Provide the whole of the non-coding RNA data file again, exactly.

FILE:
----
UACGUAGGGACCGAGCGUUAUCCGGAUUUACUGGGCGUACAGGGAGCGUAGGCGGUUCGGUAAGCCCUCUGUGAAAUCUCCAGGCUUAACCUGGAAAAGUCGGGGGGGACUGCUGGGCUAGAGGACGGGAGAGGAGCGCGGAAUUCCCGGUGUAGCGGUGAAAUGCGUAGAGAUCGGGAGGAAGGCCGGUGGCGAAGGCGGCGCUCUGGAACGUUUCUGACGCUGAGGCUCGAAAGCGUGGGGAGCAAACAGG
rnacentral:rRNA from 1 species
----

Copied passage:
UACGUAGGGACCGAGCGUUAUCCGGAUUUACUGGGCGUACAGGGAGCGUAGGCGGUUCGGUAAGCCCUCUGUGAAAUCUCCAGGCUUAACCUGGAAAAGUCGGGGGGGACUGCUGGGCUAGAGGACGGGAGAGGAGCGCGGAAUUCCCGGUGUAGCGGUGAAAUGCGUAGAGAUCGGGAGGAAGGCCGGUGGCGAAGGCGGCGCUCUGGAACGUUUCUGACGCUGAGGCUCGAAAGCGUGGGGAGCAAACAGG
rnacentral:rRNA from 1 species